Parenteral lipids shape gut bile acid pools and microbiota profiles in the prevention of cholestasis in preterm pigs[S]

Lee Call, Tiffany Molina, Barbara Stoll, Greg Guthrie, Shaji Chacko, Jogchum Plat, Jason Robinson, Sen Lin, Caitlin Vonderohe, Mahmoud Mohammad, Dennis Kunichoff, Stephanie Cruz, Patricio Lau, Muralidhar Premkumar, Jon Nielsen, Zhengfeng Fang, Oluyinka Olutoye, Thomas Thymann, Robert Britton, Per SangildDouglas Burrin*

*Corresponding author for this work

Research output: Contribution to journalArticleAcademicpeer-review

13 Citations (Web of Science)

Abstract

Multi-component lipid emulsions, rather than soy-oil emulsions, prevent cholestasis by an unknown mechanism. Here, we quantified liver function, bile acid pools, and gut microbial and metabolite profiles in premature parenterally fed pigs given a soy-oil lipid emulsion, Intralipid (IL), a multi component lipid emulsion, SMOFlipid (SMOF), a novel emulsion with a modified fatty-acid composition [experimental emulsion (EXP)], or a control enteral diet (ENT) for 22 days. We assayed serum cholestasis markers, measured total bile acid levels in plasma, liver, and gut contents, and analyzed colonic bacterial 16S rRNA gene sequences and metabolomic profiles. Serum cholestasis markers (i.e., bilirubin, bile acids, and gamma-glutamyl transferase) were highest in IL-fed pigs and normalized in those given SMOF, EXP, or ENT. Gut bile acid pools were lowest in the IL treatment and were increased in the SMOF and EXP treatments and comparable to ENT. Multiple bile acids, especially their conjugated forms, were higher in the colon contents of SMOF and EXP than in IL pigs. The colonic microbial communities of SMOF and EXP pigs had lower relative abundance of several gram-positive anaerobes, includingClostridriumXIVa, and higher abundance of Enterobacteriaceae than those of IL and ENT pigs. Differences in lipid and microbial-derived compounds were also observed in colon metabolite profiles. These results indicate that multi-component lipid emulsions prevent cholestasis and restore enterohepatic bile flow in association with gut microbial and metabolomic changes. We conclude that sustained bile flow induced by multi-component lipid emulsions likely exerts a dominant effect in reducing bile acid-sensitive gram-positive bacteria.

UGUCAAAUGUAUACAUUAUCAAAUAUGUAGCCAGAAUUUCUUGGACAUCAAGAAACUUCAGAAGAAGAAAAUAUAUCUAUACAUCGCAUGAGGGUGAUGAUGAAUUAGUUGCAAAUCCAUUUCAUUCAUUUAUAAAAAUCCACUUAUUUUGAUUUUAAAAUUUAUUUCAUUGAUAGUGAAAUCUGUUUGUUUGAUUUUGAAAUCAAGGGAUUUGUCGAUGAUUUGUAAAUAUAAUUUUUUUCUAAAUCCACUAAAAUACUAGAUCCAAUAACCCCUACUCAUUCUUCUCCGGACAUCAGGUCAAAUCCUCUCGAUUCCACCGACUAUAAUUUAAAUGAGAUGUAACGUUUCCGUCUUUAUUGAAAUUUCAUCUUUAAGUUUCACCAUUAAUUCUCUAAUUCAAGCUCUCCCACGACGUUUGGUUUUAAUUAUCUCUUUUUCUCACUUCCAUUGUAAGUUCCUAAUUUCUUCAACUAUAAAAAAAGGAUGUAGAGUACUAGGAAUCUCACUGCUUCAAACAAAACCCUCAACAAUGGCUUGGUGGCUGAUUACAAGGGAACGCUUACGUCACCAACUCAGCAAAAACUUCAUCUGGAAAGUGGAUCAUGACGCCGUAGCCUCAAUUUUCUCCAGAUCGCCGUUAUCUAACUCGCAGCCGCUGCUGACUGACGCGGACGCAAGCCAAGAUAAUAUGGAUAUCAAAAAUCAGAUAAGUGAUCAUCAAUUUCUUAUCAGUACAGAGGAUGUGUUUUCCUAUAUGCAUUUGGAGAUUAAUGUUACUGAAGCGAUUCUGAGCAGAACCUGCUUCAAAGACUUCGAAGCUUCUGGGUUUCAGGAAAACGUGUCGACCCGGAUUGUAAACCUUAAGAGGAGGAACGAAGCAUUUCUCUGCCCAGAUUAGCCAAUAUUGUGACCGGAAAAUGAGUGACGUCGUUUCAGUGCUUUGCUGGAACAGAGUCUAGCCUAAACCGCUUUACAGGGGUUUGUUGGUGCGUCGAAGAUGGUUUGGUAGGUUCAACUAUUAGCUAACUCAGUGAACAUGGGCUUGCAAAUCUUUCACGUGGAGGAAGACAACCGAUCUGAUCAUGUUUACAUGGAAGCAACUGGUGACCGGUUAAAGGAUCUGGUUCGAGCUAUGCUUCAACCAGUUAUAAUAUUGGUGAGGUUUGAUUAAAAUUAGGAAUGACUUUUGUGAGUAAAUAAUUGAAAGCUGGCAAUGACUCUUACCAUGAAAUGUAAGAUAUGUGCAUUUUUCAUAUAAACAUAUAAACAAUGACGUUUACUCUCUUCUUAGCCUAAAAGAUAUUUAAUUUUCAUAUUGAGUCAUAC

Original languageEnglish
Pages (from-to)1038-1051
Number of pages14
JournalJournal of Lipid Research
Volume61
Issue number7
DOIs
Publication statusPublished - Jul 2020

Keywords

  • liver
  • cholestasis
  • parenteral nutrition
  • sterols
  • fatty acids
  • metabolomics
  • microbiome
  • clostridium
  • Enterobacteriaceae
  • NUTRITION-ASSOCIATED CHOLESTASIS
  • RANDOMIZED CONTROLLED-TRIAL
  • LIVER-DISEASE
  • FISH-OIL
  • DEVELOPMENTAL PATTERN
  • CHILDREN
  • EMULSIONS
  • INFANTS
  • METABOLISM
  • TERM

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